At Microsoft’s Mix conference, the company showed off some of its early work on Windows 7, giving attendees a rare look into the birth of an operating system’s user interface. Try to imagine life with some of these aborted attempts at a new operating system: Would you have stood for these features?
One early concept for Windows 7 (dating back to early 2006, even before the official design process started in 2007) put thumbnails of running applications straight into the taskbar. This wasn’t an image, or an animated demonstration – it was real code, running in Windows Vista. Microsoft produced a lot of samples like this, trying out ideas and using real world prototypes with real users. Taskbar thumbnails didn’t make the cut – while they show some information about hidden windows, they don’t show enough, and they take up far too much screen real estate. Failed experiments help just as much as those which succeed, according to Microsoft. The results of this experiment of led to “Bat Signal” and eventually Aero Peek.
When trouble arrived in Gotham, Batman was summoned with a sign written on the clouds using a huge searchlight. That memorable image inspired the Windows 7 team to create a way of illuminating hidden windows by rolling over taskbar icons. A beam of light brought the target window to the front and lit it up, while the rest of the screen faded off into the shadows. Like the taskbar thumbnails, Bat Signal was real code that ran on Vista desktops across Microsoft, helping the user experience team see just how real users worked with a very different way of finding windows. Users liked it, but they found it very intrusive if they put their mouse over the taskbar by accident.
One problem the Windows 7 team tried to solve was how you could look at a window without stealing focus from a running application. They came up with an interesting idea, which they called Aladdin. In the old story, rubbing a magic lamp summoned a genie, who would fulfill your every wish. Microsoft’s Aladdin used a simple mouse gesture to bring a window temporarily to the front. You’d just rub the window with the mouse pointer. Stop rubbing, and the window would return to the back. There were problems with long documents, and you couldn’t use Aladdin on a window that was completely hidden by the rest of the screen. Even so, the rubbing gesture stuck with the team, and it eventually ended up driving a completely different feature – Aero Shake.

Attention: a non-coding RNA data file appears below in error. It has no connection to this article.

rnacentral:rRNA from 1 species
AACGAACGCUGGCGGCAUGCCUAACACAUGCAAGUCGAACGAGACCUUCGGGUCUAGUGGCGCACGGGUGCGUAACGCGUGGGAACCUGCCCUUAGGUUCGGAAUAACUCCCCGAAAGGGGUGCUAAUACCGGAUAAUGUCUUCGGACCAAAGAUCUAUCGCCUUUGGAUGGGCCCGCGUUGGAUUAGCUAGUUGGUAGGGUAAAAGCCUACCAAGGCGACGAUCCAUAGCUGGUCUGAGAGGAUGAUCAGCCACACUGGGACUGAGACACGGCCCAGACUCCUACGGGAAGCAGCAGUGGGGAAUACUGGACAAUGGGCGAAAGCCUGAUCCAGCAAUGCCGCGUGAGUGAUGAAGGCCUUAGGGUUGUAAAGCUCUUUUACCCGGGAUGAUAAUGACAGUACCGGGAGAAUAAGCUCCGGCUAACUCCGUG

Not every concept rendering of Windows 7 had to show every pixel on the screen. Some were outline images that showed just where key user interface elements would be placed. Icons were shown as circles, along with blocks for gadgets and window thumbnails. Greyscale renderings like this are clear and easy to understand – and make it easy to see early versions of key user interface elements, like the number of windows associated with an icon, and the arrow triggers (called “The Nub” by the Windows 7 design team) that launched jump lists. Despite the grayscale view, it’s quite clear what direction the Windows user experience was going in.
Windows 7’s taskbar is one of the biggest changes, and it went through many different iterations before the version that arrived with build 7000 and the public beta. The Windows 7 user experience team came up with different versions of the taskbar buttons, showing different ways of indicating open windows and active windows. Other options the team explored included different versions of the Start orb and the notification area. The color choices used for blending the taskbar with the desktop background also went through many different test views, helping the team make important design decisions.
Devices aren’t normally part of the Windows desktop experience. They’re usually relegated to control panels, or the notification area – if they’re lucky. An early Windows 7 concept brought devices into the taskbar, giving them a cross between a jump list and the device stage. Clicking a jump list icon would reveal a picture of the device, and icons that showed the device state. You could use some of the icons to access device functions – copying pictures to your PC, or synchronizing address books. It’s one lost Windows 7 concept we wouldn’t mind seeing make its way onto our desktops.
If you took a time machine back to the very beginning of the Windows 7 project, you’d see a desktop very much like this one. It’s a long way from the familiar build 7000 look-and-feel, but it’s obviously somewhere on the road way from Vista. The taskbar is already hosting large icons, but it has also disappeared into the background, leaving icons floating on the desktop. The notification area already has discrete white icons, but it’s yet to overflow into Windows 7’s customizable icon corral. Windows 7’s design team has a vision of where Windows is going, but at this stage in Windows 7’s history there was still a lot of work to be done.
If you’re going to succeed with a new project, you’ve got to have principles to guide you on your journey. The Windows 7 design team came up with eight key concepts that they used to guide their every decision. They even printed out a card, which sat on noticeboards and on people’s desks:
With design principles in place, tricky decisions were easier to make (like deciding that the ‘nub’ was a distraction), and designers had a tool to help them think through problems.